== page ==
(this image is from the "wall of fame" at the City of Rome Sanitation Worker's Creche, the most beautiful in the city of Rome) The Pope gave a short message of greeting and blessing in Italian, German, English, and (most enthusiastically) in Spanish. Nothing too memorable. People started filtering out of the square almost as soon as he started to speak, which I hadn't expected--I had thought he would have a captive audience all the way through. The last to leave were the various groups in historical costume. It was something else to be walking down the Via della Conciliazione with people in full Renaissance-Faire garb smoking cigarettes and chatting on cellphones under their umbrellas.

Evening on Via dei Coronari.

Last family photo before Mom and Dad and Will split for the States. Not bad for a long exposure! We were in the Pantheon, just before we got dinner. Even though it was way touristy, we ate on the square--being part of the evening fabric, even as obvious tourists, was even more delicious than the food.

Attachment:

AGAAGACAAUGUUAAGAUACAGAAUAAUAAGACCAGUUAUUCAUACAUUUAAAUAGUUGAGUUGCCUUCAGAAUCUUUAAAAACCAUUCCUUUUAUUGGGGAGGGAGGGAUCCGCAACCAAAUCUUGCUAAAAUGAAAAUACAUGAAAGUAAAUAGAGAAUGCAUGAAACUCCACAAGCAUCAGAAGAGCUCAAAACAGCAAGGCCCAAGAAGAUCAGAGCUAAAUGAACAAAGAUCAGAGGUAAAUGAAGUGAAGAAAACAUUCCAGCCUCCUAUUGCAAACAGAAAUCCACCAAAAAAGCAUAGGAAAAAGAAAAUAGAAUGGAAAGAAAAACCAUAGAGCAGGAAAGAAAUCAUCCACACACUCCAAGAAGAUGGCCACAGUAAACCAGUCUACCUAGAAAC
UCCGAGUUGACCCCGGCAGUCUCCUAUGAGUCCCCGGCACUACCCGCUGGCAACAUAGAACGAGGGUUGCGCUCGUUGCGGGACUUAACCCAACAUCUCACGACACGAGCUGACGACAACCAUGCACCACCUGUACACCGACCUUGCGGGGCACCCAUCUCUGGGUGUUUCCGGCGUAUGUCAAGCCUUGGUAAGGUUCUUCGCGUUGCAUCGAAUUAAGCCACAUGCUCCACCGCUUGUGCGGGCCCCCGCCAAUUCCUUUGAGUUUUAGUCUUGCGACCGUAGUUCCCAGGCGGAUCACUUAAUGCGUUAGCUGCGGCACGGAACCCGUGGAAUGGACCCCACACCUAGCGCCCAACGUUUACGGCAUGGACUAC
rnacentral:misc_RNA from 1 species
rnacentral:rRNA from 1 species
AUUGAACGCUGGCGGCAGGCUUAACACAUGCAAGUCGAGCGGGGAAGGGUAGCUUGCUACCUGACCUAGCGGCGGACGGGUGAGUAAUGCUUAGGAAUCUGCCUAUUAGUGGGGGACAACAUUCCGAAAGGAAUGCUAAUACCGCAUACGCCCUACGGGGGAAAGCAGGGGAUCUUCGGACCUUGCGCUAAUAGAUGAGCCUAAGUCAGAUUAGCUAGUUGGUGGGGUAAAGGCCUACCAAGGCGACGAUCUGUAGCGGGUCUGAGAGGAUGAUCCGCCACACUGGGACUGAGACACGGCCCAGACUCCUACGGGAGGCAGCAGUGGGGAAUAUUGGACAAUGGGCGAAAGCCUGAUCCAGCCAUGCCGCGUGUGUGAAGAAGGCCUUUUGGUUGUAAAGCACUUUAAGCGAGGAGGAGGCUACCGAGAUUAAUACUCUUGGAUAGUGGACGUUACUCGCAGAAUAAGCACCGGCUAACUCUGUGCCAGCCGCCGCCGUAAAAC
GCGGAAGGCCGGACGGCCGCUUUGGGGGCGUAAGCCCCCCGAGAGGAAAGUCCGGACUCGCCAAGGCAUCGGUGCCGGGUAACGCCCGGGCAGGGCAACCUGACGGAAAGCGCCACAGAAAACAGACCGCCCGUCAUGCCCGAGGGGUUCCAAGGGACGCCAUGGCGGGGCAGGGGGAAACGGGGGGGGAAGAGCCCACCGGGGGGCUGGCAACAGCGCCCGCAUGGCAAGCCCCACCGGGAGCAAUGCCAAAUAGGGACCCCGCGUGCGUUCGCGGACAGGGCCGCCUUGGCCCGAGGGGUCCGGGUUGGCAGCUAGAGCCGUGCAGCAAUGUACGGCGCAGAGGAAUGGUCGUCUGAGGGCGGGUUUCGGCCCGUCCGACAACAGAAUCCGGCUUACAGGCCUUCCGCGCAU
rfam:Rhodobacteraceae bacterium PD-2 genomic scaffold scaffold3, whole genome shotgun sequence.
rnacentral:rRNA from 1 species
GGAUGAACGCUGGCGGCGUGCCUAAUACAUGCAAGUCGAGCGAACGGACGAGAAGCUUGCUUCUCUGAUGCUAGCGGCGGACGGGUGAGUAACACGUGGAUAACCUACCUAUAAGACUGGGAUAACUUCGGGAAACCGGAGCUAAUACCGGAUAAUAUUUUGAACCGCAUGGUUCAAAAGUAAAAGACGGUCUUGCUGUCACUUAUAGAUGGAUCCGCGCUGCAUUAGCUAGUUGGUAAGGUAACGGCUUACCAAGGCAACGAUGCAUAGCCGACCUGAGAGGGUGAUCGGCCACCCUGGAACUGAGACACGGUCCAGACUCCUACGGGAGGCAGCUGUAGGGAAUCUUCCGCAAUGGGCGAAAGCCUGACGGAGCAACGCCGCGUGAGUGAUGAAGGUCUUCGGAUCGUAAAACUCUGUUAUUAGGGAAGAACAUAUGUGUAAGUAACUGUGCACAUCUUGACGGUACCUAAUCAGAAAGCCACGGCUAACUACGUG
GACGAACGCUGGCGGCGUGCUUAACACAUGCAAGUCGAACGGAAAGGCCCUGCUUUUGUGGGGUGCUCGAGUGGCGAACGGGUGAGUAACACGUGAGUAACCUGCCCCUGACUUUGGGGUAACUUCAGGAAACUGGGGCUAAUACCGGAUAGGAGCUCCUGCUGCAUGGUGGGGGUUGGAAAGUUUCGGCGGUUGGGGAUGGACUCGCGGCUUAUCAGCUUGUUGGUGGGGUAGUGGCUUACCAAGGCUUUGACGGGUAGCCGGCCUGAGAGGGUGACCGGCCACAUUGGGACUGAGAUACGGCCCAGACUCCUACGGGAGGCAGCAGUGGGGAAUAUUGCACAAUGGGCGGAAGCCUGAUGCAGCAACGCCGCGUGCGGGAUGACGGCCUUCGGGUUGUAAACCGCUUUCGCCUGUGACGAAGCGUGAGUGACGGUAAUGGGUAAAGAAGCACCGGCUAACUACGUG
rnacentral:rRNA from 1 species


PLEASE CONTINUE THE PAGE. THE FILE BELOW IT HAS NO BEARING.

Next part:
The Perfidious Myth of the Unified Church

On welcoming us to our tour of the Vatican's collection of archaic Pagan, Jewish, and Christian tomb inscriptions, the collection's curator noted that the purpose of our tour was of a kind with the inscriptions we were about to experience: "something about these inscriptions demonstrating the early unity of the church, a unity that you in this class are trying to recapture. Good for you!"